DEEPER THAN THE NIGHT
The townsfolk of Moulton Bay said there was something otherworldly about Alexander Claybourne. Some people whispered that, with his dark arresting features and mesmerizing eyes, the seductive stranger looked every inch a vampire. They never guessed how near the truth they were - or that after more than two hundred years of resisting temptation, Claybourne had found a woman he had to possess.
Never one to be scared off by superstitious lore, Kara Crawford laughed at the local talk of creatures lurking in the dark. What harm could come of befriending the handsome stranger with the haunted look in his midnight eyes? No matter what shadowy secrets Alexander hid, Kara felt drawn to him, compelled to join him beneath the silver light of the moon, where they would share a love DEEPER THAN THE NIGHT.
"I'm looking for the vampire."
Alexander Claybourne stared down at the young girl standing on his front porch. She was a cute little thing, maybe nine years old, with curly blonde hair, brown eyes, and a sprinkling of freckles across the bridge of her nose.
"Excuse me," he said, "but did I hear you right?"
"I need to see the vampire," the girl said impatiently. "The one who lives here."
Alexander fought the urge to laugh. "Who told you a vampire lives here?"
The girl looked up at him as if he were slow-witted. "Everyone knows a vampire lives here."
"I see. And why do you want him?"
"My sister, Kara, is in the hospital. She was in a car accident." The girl sniffed noisily. "Nana says she's going to die."
Alexander frowned as he tried to follow the child's line of reasoning.
The girl stamped her foot. "Vampires live forever," she said, speaking each word slowly and distinctly, as if he were very young, or very stupid. "If the vampire would come to the hospital and bite my sister, she would live forever, too."
"Ah," Alexander exclaimed, comprehending at last.
"So, is he here?"
"You're quite a brave girl, to come here alone, in the dark of night. Aren't you afraid?"
"What's your name, child?"
"How old are you, Gail?"
"Nine and a half."
"And does your Nana know where you are?"
Gail shook her head. "No. She's at the hospital. They won't let me visit Kara, so Nana made me stay with Mrs. Zimmermann. I snuck out the back door when she wasn't looking."
Gail stared up at the man. Was he the vampire? He was very tall, with long black hair. He stood in the deep shadows of the house so that she couldn't see his face clearly, but she thought he had dark eyes. He didn't look like any of the vampires she had seen in the movies. They always wore black suits and frilly white shirts and long capes; this man wore a black sweater and a pair of faded levis. Still, everyone in Moulton Bay knew that a vampire lived in the old Kendall house...
Shivering, Gail wrapped her arms around her waist. She had come up here lots of times with her friends, trying to peek in the windows to catch sight of the vampire's coffin. She'd never really been scared in the daylight; after all, everyone knew vampires were harmless during the day. But now it was night.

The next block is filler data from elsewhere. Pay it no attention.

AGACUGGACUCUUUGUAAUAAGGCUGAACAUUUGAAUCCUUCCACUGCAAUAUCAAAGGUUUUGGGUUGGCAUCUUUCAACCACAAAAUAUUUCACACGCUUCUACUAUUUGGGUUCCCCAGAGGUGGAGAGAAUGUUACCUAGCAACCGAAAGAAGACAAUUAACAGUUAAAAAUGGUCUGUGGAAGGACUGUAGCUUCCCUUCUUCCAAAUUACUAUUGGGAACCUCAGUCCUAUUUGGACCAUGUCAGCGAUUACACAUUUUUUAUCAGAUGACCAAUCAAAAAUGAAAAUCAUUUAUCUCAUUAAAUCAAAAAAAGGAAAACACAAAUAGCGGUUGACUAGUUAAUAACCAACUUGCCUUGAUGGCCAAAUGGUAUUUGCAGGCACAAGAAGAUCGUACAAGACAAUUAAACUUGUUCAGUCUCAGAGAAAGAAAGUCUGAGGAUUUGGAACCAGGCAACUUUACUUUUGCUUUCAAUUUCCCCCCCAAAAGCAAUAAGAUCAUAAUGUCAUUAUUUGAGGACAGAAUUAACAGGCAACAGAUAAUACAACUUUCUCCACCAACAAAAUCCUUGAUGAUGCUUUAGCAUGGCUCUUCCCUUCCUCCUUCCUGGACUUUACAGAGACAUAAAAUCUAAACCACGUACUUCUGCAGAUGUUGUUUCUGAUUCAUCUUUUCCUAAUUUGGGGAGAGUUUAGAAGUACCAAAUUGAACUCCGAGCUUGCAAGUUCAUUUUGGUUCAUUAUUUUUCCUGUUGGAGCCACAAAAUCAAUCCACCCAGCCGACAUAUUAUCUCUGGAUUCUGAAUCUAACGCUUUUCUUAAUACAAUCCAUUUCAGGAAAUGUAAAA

Leaning to the side a little, she slid a glance past the man. The interior of the house looked dark and gloomy, just the kind of place where a vampire would live.
Feeling suddenly very much alone and more than a little afraid, she took a step backward. The porch creaked under her weight. It was a creepy sound.
Gail summoned her rapidly waning courage. "Will you come and save my sister?"
"I'm sorry, Gail, but I'm afraid I can't help you."
The girl lifted her shoulders and let them fall in an exaggerated gesture of disappointment.
"I didn't really think you were a vampire," she confessed, "but it was worth a try."
* * *
Alexander watched the girl as she ran down the stairs, headed for the narrow dirt path that meandered through the woods. The path was a short-cut that led to the main road.
Courageous little thing, he mused, to come out here all alone.
Looking for a vampire.
He watched her until she was out of sight, until even his keen hearing could no longer discern the sound of her flight, and then he closed the door and leaned back against it.
So, everyone knew a vampire lived here.
Perhaps it was time to move on. And yet...Pushing away from the door, he walked through the dark house. It was a big place, old and creaky, with vaulted ceilings and wooden floors and leaded window panes. The house sat alone on a small rise surrounded by trees and brambles. His nearest neighbor was almost a mile away. It was, he thought, exactly the sort of place a vampire might choose to live. It was exactly the reason he had chosen it. He had been comfortable here, content here, for the past five years.
But, perhaps it was time to move on. One thing he didn't want to do was draw attention to himself. Until now, he'd had no idea people speculated on who, or what, lived in this house.
Going into the parlor, he rested one hand on the high mantle and gazed into the hearth. There was something primal about standing in front of a roaring fire. It answered an elemental need deep inside him, though he wasn't sure why. Perhaps it had something to do with the smoky scent of the wood and the hiss of the flames, or maybe it was the surging power held at bay by nothing more than a few bricks.